iEngage presents itself as a body which campaigns against Islamophobia. However, it spends its time attacking Muslim liberals and progressives, as well as journalists and politicians who oppose hate preachers and Islamist political parties.
It also engages in advocacy for Islamist terrorist organisations and their supporters, and demands various changes to Britain’s foreign policies. Here are a few examples.
Opposing the ban on Hezbollah activist, Ibrahim al-Musawi
Senior Hezbollah activist, Ibrahim al-Musawi, was banned from the United Kingdom in March 2009 by the Home Secretary, Jacqui Smith. Al Musawi had previously worked for the Hezbollah propaganda TV station, Al-Manar. When Al-Manar was banned from French satellite TV for airing a 29-part Ramadan special Ash-Shatat (Diaspora) during October–November 2003, which showed Jews drinking the blood of Christian children , and which quoted extensively from the Protocols of the Elders of Zion, Mousawi said the ban resulted from “political pressure by the Jewish lobby”.
ENGAGE condemned the exclusion in the strongest terms, and claimed that the Home Secretary had “caved into pressure from the pro-Israel lobby”.
Support for Daud Abdullah in relation to the “Istanbul Declaration”
In March 2009, it was revealed that, while attending a Hamas-aligned conference in Istanbul, the Deputy Secretary General had signed a declaration that the presence of “foreign warships” enforcing the Gaza ceasefire “must be rejected and fought by all means and ways”. Prime Minister Gordon Brown had promised British naval support for such action.
Abdullah refused to remove his name from the Istanbul Declaration. In response, the Labour government broke off contact with the Muslim Council of Britain. A similar position was taken by the Conservative Party and David Cameron.
iEngage claimed that the Government was trying to “intimidate” the MCB and argued:
It would appear that Hazel Blears, the Secretary of State for the Communities and Local Government (CLG) department clearly has delusions of grandeur. Latest news reports would suggest that she has started to treat Muslims as if she was still living in the days of the British Raj.
They also published Seumas Milne’s claim that the Government wanted to impose a “docile leadership” on British Muslims, and commented:
But if Blears’ high-handed actions towards the MCB are anything to go by, the government is not interested in responding to the consensus that exists. It is more concerned to impose a consensus orchestrated by hostile right-wing think tanks and the stooge Quilliam Foundation type bodies it has set up and funded. Muslim organisations should resist this interference and demand that Blears is sacked.
iEngage attacked David Cameron for his boycott of the MCB.
Iran and Ahmadinejad
In response to an article by William Hague, the Chief Executive Officer of iEngage, Mohammed Asif, wrote to the Foreign Secretary calling for sanctions on Israel instead, He argued:
As ENGAGE wrote to the former foreign secretary, there is a strong perception among British Muslims, and Muslims around the world, that our policy on issues pertaining to the Middle East and Iran are biased in favour of Israel. A perception that will only likely be reinforced by the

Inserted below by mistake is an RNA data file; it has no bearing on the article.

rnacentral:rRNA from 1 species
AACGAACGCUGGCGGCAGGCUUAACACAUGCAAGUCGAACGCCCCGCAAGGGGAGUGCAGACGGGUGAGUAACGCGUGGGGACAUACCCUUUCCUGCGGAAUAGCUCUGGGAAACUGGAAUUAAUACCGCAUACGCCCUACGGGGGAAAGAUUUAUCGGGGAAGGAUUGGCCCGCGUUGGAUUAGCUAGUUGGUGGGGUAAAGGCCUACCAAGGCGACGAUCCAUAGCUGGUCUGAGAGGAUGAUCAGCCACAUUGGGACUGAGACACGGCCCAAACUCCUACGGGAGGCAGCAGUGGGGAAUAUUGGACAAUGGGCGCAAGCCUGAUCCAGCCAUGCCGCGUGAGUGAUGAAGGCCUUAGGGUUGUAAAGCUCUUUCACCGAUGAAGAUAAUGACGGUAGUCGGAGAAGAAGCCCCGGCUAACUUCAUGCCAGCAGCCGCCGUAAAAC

comments made in your article in The Times last Friday, and further emboldened by your claims that the EU act to reinforce the sanctions against Iran in demonstration of the benign effects of the Union’s collective political and economic weight.
iEngage readers were encouraged to write to the Foreign Secretary.
iEngage also criticised David Miliband when British diplomats walked out of Ahmadinejad’s speech in the United Nations
Support for engagement with Hamas
ENGAGE is also a strong advocate of the Government “engaging” with Hamas. For example, Mohammed Asif wrote to David Miliband in June 2010:
There is an urgent need for a rethink of our current policy on freezing Hamas out of any discussions on peace between Palestinians and Israelis. I hope you will agree that this forms an essential part of the ‘active and substantive top down political process’ that we must now pursue.
ENGAGE also promoted an IPPR Report entitled “Engaging with Islamists”. They concluded:
Let’s hope that Ivan Lewis, the Foreign Office Minister with responsibility for the Middle East, who so disgracefully criticised Ken Livingstone for interviewing Khalid Mish’al, is among those that take note of this new report and its sensible recommendations.
ENGAGE also promoted the controversial “softball” interview by Ken Livingstone with Khaled Mish’al, head of the political bureau of Hamas.
ENGAGE encouraged the Government to engage with Hamas, and objected to FCO criticism of a Clare Short meeting in the House of Commons featuring Khalid Mish’al, head of Hamas’ political bureau, again encouraging engagement with Hamas.
There is a simple explanation for iEngage’s support for Hamas, Hezbollah, and Ahmadinejad’s regime in Iran. They substantially share their politics.
More to the point, if Sadiq Khan, Jack Straw, Simon Hughes and Stephen Timms manage to install iEngage as the Secretariat to the APPG, it is likely that they will seek to define Islamophobia as opposition to Islamist political parties. Such an outcome will deeply undermine the fight against racism, sectarianism and bigotry.